Commission: Rule-of-Law-Related Infringement Actions Against Hungary
9 September 2019 (updated 2 years, 4 months ago)
2018-Max_Planck_Herr_Wahl_1355_black white_Zuschnitt.jpg Thomas Wahl

On 25 July 2019, the Commission decided to launch an action before the CJEU against Hungary for not fulfilling its obligations under EU law, because Hungary has not changed its so-called “Stop Soros” legislation. The law criminalises activities in support of asylum applications and further restricts the right to request asylum. After having examined Hungary’s replies to a reasoned opinion, the Commission found that Hungary has not sufficiently addressed the concerns raised, in particular the incompatibility with the EU’s asylum law.

In addition, the Commission filed an action against Hungary at the CJEU for excluding non-EU nationals with long-term resident status from exercising the veterinary profession. This is considered an incorrect implementation of the Long-Term Residents Directive.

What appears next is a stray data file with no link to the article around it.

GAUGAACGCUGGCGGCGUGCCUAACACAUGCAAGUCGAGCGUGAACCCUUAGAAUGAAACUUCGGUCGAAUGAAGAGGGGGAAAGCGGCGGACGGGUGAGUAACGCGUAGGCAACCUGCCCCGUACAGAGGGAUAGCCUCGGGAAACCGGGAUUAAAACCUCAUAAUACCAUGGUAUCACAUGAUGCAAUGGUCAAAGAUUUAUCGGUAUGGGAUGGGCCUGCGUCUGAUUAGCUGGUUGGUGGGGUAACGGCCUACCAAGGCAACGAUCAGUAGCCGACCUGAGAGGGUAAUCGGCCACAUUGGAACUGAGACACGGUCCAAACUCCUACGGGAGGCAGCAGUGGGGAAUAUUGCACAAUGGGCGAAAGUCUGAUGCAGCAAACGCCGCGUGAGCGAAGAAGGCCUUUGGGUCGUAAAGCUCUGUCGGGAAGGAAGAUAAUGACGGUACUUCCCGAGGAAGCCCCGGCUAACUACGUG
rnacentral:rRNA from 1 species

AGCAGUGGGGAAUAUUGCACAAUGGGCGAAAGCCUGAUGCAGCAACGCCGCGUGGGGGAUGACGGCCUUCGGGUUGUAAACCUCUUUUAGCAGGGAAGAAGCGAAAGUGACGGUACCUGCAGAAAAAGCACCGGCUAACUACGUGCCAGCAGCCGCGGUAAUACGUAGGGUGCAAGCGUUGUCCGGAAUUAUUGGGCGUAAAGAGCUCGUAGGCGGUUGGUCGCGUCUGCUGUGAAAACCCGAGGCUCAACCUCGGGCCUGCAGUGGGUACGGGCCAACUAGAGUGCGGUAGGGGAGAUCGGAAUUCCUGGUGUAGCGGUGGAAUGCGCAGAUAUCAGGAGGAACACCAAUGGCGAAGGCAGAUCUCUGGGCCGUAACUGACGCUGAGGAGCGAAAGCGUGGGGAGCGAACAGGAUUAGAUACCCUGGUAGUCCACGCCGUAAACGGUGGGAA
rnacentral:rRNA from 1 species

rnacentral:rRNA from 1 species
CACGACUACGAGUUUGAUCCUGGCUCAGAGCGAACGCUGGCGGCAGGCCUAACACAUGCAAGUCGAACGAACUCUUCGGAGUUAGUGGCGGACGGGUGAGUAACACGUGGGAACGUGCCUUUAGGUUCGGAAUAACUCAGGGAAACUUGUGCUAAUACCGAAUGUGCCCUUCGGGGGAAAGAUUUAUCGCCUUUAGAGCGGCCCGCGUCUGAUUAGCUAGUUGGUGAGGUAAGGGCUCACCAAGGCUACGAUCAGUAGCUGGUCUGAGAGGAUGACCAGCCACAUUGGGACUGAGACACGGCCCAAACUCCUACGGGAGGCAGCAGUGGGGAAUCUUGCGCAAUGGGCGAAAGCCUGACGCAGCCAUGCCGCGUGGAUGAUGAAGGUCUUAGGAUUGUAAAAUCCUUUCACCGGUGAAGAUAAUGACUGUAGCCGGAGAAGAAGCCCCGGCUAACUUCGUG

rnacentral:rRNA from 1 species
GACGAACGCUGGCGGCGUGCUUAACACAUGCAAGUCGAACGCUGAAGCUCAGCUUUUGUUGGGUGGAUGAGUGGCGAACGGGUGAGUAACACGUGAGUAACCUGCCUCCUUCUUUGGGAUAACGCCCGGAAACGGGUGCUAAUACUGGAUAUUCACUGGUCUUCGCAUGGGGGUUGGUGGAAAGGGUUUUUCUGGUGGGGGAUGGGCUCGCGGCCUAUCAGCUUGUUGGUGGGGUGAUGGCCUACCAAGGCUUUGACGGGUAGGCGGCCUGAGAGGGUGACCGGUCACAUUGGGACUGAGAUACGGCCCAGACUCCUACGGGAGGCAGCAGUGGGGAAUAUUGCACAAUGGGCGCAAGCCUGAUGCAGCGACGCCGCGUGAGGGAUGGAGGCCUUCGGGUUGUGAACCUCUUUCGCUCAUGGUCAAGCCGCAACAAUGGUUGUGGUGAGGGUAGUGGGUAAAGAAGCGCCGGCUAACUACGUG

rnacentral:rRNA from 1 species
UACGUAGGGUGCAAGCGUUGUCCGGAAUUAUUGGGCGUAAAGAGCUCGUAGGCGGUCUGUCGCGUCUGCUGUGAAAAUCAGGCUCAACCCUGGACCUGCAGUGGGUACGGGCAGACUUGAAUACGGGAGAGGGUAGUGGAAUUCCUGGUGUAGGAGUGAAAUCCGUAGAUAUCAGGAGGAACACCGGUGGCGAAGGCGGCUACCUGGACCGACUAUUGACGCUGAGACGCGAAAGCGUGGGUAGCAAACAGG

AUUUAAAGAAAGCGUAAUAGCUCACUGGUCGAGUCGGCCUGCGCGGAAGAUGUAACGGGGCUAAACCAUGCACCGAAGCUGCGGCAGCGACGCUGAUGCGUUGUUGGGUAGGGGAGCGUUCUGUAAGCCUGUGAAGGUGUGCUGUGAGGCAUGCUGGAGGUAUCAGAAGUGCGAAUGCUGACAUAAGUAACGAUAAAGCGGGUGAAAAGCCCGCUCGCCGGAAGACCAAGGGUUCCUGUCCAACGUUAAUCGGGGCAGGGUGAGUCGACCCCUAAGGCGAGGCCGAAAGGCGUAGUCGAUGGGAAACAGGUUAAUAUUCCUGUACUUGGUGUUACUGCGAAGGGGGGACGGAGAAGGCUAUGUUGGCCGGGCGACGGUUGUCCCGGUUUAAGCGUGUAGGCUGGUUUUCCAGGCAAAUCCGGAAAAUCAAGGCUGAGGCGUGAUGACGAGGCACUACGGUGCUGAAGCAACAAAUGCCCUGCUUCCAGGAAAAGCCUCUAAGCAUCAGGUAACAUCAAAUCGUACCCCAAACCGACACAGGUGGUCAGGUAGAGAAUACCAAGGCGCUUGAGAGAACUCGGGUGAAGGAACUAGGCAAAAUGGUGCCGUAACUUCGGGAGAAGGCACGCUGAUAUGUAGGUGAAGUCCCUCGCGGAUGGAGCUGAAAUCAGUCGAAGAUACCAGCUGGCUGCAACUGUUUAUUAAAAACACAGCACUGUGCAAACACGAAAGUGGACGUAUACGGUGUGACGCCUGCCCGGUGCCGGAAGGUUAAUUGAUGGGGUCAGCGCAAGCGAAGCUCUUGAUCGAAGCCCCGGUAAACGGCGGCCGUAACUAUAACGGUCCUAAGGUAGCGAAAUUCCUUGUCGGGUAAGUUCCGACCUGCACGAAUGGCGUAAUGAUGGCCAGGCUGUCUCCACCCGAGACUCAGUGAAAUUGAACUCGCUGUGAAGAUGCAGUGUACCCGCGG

In another case, the Commission initiated the infringement procedure by sending a letter of formal notice to Hungary. It criticizes that the detention conditions of returnees in the Hungarian transit zones violate the EU’s Return Directive and the Charter of Fundamental Rights of the European Union.

The measures taken by the Commission can be seen in the wider context of the EU’s push for Hungary to uphold the value of rule of law. In September 2018, the European Parliament voted to trigger the Art. 7 TEU process, which may ultimately lead to disciplinary sanctions. It was the first time that the Parliament called on the Council of the EU to act against a Member State to prevent a systemic threat to the Union’s founding values.

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2018-Max_Planck_Herr_Wahl_1355_black white_Zuschnitt.jpg
Thomas Wahl

Max Planck Institute for the Study of Crime, Security and Law (MPI CSL)

Public Law Department

Senior Researcher